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J Vasc Interv Radiol. 2018 Jun;29(6):893-898.e4. doi: 10.1016/j.jvir.2017.12.019. Epub 2018 Apr 6.

Reduction of Muscle Contractions during Irreversible Electroporation Therapy Using High-Frequency Bursts of Alternating Polarity Pulses: A Laboratory Investigation in an Ex Vivo Swine Model.

Author information

1
Department of Radiation Oncology and Division of Radiation Physics, Stanford University Medical Center, Stanford, California; University of North Carolina/North Carolina State University Joint Department of Biomedical Engineering, 4130 Engineering Building III, Campus Box 7115, Raleigh, NC 27695. Electronic address: mikesano@med.unc.edu.
2
Department of Urology, Stanford University Medical Center, Stanford, California.
3
Department of Radiation Oncology and Division of Radiation Physics, Stanford University Medical Center, Stanford, California.
4
Department of Radiology, Stanford University, Stanford, California.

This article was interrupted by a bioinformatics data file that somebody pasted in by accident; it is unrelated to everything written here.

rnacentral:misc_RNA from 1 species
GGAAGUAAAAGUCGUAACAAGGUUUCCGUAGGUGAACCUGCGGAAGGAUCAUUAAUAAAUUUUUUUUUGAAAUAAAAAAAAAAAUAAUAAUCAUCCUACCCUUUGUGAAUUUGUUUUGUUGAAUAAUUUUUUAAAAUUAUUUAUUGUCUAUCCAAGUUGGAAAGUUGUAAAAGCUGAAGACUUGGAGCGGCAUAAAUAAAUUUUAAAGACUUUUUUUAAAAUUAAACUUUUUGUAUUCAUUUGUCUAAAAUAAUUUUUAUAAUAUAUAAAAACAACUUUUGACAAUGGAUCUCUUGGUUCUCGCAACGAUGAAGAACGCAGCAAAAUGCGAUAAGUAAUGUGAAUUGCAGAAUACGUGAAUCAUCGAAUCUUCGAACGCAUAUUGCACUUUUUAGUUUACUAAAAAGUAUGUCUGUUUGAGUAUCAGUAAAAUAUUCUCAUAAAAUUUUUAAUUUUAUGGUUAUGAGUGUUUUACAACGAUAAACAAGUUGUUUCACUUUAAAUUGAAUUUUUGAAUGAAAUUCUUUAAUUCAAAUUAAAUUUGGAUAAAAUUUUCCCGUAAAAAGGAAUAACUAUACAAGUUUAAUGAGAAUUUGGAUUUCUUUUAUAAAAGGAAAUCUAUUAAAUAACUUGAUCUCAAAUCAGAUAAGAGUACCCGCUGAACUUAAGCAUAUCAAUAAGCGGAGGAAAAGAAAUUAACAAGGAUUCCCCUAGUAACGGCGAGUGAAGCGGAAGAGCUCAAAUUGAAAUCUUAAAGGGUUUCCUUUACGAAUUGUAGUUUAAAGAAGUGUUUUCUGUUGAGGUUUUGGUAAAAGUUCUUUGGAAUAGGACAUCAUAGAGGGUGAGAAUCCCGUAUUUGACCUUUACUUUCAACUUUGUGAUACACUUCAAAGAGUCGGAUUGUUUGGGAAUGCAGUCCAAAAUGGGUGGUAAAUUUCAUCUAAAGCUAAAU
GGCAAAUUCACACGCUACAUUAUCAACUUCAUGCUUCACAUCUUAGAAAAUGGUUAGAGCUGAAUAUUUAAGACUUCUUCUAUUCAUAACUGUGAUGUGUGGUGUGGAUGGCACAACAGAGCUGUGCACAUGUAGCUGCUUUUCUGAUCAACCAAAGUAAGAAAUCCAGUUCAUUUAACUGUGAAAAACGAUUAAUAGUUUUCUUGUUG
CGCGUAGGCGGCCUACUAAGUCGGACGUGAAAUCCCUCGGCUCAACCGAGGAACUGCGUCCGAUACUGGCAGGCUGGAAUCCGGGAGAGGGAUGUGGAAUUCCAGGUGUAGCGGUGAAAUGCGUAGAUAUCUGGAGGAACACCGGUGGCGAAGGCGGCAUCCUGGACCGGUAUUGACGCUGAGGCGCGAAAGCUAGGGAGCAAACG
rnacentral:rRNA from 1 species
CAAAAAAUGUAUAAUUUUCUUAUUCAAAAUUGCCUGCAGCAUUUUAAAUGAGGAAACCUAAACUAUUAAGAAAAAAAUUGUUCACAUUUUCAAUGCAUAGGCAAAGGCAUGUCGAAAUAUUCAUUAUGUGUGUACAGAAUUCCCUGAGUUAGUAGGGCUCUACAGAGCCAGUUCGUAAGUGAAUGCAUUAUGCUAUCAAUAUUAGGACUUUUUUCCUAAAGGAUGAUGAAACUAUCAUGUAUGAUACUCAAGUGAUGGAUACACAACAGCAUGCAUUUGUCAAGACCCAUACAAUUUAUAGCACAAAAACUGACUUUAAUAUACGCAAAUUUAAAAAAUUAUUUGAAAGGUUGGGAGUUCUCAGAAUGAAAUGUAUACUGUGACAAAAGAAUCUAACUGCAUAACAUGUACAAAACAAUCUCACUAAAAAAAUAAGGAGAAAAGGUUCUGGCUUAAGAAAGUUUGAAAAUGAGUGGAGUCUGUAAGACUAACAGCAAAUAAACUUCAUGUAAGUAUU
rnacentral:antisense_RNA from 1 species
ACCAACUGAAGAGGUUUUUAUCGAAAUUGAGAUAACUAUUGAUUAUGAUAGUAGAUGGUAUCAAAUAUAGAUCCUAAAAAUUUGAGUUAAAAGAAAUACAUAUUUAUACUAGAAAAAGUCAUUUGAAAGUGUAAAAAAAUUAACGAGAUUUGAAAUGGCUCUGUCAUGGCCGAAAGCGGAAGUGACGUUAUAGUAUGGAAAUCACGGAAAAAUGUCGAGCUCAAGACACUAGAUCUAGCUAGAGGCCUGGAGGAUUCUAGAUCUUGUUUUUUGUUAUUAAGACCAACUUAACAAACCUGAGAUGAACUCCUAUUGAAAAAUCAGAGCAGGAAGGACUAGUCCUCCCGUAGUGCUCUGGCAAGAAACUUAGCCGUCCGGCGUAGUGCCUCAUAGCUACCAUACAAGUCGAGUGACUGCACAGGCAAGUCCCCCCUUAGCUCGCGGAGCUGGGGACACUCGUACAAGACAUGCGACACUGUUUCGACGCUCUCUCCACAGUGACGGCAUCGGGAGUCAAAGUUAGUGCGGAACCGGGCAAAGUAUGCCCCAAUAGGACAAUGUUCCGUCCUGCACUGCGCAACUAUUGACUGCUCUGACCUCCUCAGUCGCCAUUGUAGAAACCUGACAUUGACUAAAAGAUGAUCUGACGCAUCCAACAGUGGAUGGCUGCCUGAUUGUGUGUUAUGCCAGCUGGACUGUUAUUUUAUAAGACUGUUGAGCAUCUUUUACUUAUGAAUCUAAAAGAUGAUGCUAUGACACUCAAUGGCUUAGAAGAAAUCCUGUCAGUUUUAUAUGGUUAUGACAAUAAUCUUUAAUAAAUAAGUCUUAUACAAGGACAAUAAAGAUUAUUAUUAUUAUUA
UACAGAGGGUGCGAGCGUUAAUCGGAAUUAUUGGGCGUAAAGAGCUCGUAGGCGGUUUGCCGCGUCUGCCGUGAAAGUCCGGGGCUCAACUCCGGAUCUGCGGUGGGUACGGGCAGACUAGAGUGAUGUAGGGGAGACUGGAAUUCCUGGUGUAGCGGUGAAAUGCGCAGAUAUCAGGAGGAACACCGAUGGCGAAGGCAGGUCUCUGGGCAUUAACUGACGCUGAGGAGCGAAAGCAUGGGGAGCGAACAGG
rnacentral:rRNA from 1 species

5
Department of Radiology and Division of Vascular and Interventional Radiology, Stanford University Medical Center, Stanford, California; Department of Radiology, Stanford University Medical Center, Stanford, California.

Abstract

PURPOSE:

To compare the intensity of muscle contractions in irreversible electroporation (IRE) treatments when traditional IRE and high-frequency IRE (H-FIRE) waveforms are used in combination with a single applicator and distal grounding pad (A+GP) configuration.

MATERIALS AND METHODS:

An ex vivo in situ porcine model was used to compare muscle contractions induced by traditional monopolar IRE waveforms vs high-frequency bipolar IRE waveforms. Pulses with voltages between 200 and 5,000 V were investigated, and muscle contractions were recorded by using accelerometers placed on or near the applicators.

RESULTS:

H-FIRE waveforms reduced the intensity of muscle contractions in comparison with traditional monopolar IRE pulses. A high-energy burst of 2-μs alternating-polarity pulses energized for 200 μs at 4,500 V produced less intense muscle contractions than traditional IRE pulses, which were 25-100 μs in duration at 3,000 V.

CONCLUSIONS:

H-FIRE appears to be an effective technique to mitigate the muscle contractions associated with traditional IRE pulses. This may enable the use of voltages greater than 3,000 V necessary for the creation of large ablations in vivo.

PMID:
29628296
DOI:
10.1016/j.jvir.2017.12.019
[Indexed for MEDLINE]

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